Tennessee House Speaker Glen Casada announced he will officially resign in August, but some members of the Republican caucus think he shouldn’t wait.
Rep. David Hawk, R-Greeneville, was one of the first to add his voice to the call for Casada to resign after reports leaked of racist text messages between him and his former chief of staff.
That news broke about a month ago. Casada announced his plan to resign yesterday, about a month later. His letter to the Tennessee General Assembly said he will officially resign on Aug. 2, his 60th birthday.
Hawk said he doesn’t think that’s soon enough.
“We need to get the House back in order,” Hawk told News Channel 11 on Wednesday.
Rep. Matthew Hill, R-Jonesborough, said he met with Casada and other members of the caucus leadership yesterday. He said Casada decided on Aug. 2 even though members of the leadership team urged him to resign at an earlier date.
“One of the reasons he gave was that folks such as myself that are running for the speaker’s position,” Hill said. “He said he felt that the Caucus and the House (were) owed full campaign.
“In other words, people running for the office needed to really run for it instead of just waiting a week or two and electing the new speaker.”
Hill announced that he would be seeking the speakership after Casada announced his intent to resign last month. He said he hasn’t completed any official paperwork for that yet but has been traveling across the state to talk with members of the caucus.
He added he wasn’t sure why Casada chose to resign on his own birthday. He added he wasn’t aware of any retirement benefits that Casada would incur by waiting.
Hawk raised suspicions on Casada’s decision to wait nearly two months to officially resign and asked if the reason was so Casada could nudge the speaker campaign in his favor.
“I have fear that Speaker Casada is trying to extend his term as Speaker for another two months to try to use the bully pulpit of being Speaker to try to influence folks to get whomever he would like to see as the next speaker in,” he said.
“There’s some folks who have still been vocal supporters of Casada, even though this mess. Even some folks who may have made some statements that they voted no confidence in Speaker Casada are still supporters of Speaker Casada in the long run.”
He added that the number of committees and subcommittees in the House have almost doubled since Casada became speaker — from about 28 to 42 committees and subcommittees.
Hawk said he would like the next speaker to have some time to get the House back to “normalcy” before the next session begins in January. Hawk said that also meant an increase in chairmen and research analysts to fill out each added committee.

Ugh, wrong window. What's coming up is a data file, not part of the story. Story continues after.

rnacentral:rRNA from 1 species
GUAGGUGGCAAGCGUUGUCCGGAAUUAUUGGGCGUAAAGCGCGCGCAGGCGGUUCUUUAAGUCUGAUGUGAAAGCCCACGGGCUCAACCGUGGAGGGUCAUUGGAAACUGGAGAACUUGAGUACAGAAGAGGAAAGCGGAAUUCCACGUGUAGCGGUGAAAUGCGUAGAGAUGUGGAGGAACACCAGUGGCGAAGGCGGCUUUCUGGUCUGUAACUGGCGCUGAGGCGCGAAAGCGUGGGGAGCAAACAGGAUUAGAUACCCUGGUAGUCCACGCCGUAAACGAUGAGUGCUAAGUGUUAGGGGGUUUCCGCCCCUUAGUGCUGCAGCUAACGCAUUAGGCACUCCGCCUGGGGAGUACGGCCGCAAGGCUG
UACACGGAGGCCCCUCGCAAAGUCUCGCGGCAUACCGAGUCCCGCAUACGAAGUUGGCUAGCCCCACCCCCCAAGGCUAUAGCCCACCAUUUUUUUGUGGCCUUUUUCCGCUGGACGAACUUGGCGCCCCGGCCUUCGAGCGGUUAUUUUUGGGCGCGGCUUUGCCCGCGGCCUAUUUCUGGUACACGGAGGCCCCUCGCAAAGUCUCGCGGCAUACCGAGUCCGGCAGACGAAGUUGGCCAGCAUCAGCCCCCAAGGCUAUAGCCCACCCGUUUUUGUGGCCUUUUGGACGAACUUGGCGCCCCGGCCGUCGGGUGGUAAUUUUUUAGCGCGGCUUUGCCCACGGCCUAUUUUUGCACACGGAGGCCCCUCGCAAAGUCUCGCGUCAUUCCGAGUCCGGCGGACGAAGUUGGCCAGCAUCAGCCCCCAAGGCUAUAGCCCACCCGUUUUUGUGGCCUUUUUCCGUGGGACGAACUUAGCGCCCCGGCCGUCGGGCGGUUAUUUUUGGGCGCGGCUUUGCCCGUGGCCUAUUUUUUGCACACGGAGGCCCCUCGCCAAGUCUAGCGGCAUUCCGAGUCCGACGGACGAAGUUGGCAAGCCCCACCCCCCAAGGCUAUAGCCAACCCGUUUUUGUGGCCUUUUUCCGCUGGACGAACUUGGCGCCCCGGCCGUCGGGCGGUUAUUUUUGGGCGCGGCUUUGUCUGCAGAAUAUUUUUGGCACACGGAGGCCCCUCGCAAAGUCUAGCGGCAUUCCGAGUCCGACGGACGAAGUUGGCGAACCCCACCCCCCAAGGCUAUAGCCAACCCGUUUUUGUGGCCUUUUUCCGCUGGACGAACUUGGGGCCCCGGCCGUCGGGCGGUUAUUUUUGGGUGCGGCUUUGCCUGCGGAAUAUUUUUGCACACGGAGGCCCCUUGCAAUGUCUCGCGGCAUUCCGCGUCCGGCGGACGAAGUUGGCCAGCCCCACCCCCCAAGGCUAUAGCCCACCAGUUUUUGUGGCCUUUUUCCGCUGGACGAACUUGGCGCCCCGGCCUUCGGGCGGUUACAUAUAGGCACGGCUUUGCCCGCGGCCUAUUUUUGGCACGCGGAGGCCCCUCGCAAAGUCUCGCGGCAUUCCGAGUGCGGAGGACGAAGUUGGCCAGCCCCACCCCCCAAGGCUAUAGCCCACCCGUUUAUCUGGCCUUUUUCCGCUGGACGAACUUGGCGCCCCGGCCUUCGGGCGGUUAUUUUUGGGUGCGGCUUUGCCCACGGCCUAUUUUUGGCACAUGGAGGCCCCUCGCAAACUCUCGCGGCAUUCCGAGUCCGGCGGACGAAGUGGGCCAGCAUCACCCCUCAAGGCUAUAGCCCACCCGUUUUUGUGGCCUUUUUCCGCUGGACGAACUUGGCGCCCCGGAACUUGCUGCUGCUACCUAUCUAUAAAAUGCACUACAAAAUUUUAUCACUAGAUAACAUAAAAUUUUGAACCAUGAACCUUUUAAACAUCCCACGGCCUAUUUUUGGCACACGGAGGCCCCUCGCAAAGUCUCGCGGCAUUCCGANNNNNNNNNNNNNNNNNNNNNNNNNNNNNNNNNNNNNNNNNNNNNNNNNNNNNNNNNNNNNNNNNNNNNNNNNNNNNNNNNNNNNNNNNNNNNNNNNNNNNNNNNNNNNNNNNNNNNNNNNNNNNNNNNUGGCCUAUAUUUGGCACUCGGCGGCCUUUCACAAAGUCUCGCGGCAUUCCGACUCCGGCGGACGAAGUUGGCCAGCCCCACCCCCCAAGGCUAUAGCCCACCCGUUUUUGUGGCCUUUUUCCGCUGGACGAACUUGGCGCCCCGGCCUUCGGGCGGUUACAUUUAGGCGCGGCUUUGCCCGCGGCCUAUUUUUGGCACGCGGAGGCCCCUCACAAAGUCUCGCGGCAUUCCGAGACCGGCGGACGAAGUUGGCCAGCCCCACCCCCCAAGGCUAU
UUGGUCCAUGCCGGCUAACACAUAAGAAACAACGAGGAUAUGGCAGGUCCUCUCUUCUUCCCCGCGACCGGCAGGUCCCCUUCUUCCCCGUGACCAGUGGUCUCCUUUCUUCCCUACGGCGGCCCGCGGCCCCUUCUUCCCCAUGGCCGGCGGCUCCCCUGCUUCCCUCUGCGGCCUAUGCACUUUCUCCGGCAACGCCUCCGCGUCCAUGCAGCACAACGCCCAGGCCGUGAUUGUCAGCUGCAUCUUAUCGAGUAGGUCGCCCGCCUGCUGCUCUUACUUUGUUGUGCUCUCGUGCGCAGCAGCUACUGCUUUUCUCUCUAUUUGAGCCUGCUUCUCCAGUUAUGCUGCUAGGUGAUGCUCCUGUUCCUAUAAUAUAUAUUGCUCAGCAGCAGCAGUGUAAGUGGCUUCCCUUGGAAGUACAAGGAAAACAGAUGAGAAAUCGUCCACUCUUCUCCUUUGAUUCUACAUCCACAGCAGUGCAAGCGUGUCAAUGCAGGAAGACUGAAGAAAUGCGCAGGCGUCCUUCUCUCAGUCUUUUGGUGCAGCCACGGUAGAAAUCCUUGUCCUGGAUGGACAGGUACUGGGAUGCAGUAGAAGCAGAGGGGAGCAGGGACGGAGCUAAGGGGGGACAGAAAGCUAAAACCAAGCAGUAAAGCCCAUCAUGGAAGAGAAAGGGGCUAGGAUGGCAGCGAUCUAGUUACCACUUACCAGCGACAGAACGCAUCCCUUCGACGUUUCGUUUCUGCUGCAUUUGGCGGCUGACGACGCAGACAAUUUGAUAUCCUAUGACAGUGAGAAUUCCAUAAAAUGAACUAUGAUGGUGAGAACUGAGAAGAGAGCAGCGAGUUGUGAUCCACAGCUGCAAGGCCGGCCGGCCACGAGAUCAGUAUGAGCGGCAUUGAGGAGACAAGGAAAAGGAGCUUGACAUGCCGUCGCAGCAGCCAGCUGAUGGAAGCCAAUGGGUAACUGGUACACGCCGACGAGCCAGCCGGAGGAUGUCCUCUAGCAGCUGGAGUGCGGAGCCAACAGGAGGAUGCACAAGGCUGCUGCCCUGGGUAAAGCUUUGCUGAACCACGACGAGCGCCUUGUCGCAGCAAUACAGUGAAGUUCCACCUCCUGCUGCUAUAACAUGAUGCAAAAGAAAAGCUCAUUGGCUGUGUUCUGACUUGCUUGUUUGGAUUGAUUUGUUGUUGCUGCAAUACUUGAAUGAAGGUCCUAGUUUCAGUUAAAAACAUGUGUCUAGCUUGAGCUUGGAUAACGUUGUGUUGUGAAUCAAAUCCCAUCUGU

“Over the next six months, we need to get a handle back on the size of the House of Representatives’ committee system and those research analysts,” he said. “Spending even the next few months floundering, waiting for something to happen, is a negative outlook for the state of Tennessee.”
Hawk told News Channel 11 about an email Casada exchanged with General Assembly members, in which he addresses Rep. Mike Carter, R-Ooltewah, in a manner Hawk dubbed “vilifying.”
Read the email thread here:
“Right’s right and wrong’s wrong, Speaker Casada is wrong in this situation,” Hawk said.
In the email thread, Carter says he was asked to sign off on an advisory ethics opinion that he believed hadn’t been signed by committee members. He said the document that was presented to him would have exonerated the speaker and hadn’t been signed by other members of the House Ethics Committee.
“I am unaware in my seven years on ethics of any other time an advisory opinion exonerating a member has been drafted without the input of a single committee member,” Carter said in the email. “I was and remain stunned that an exonerating opinion was issued without input from any member, based on facts stated by the author without any investigation.”
In his response, Casada says he hasn’t reviewed a copy of the advisory opinion that Carter said was presented to him, and said he hasn’t spoken with anyone on the House Ethics Committee that had a similar experience.
“I would submit to you that Representative Carter is using his position on the House Ethics Committee as a platform to run for Speaker, much in the same way he wrongfully accused me of trying to predetermine an outcome from the committee to remain as Speaker,” he says in the email.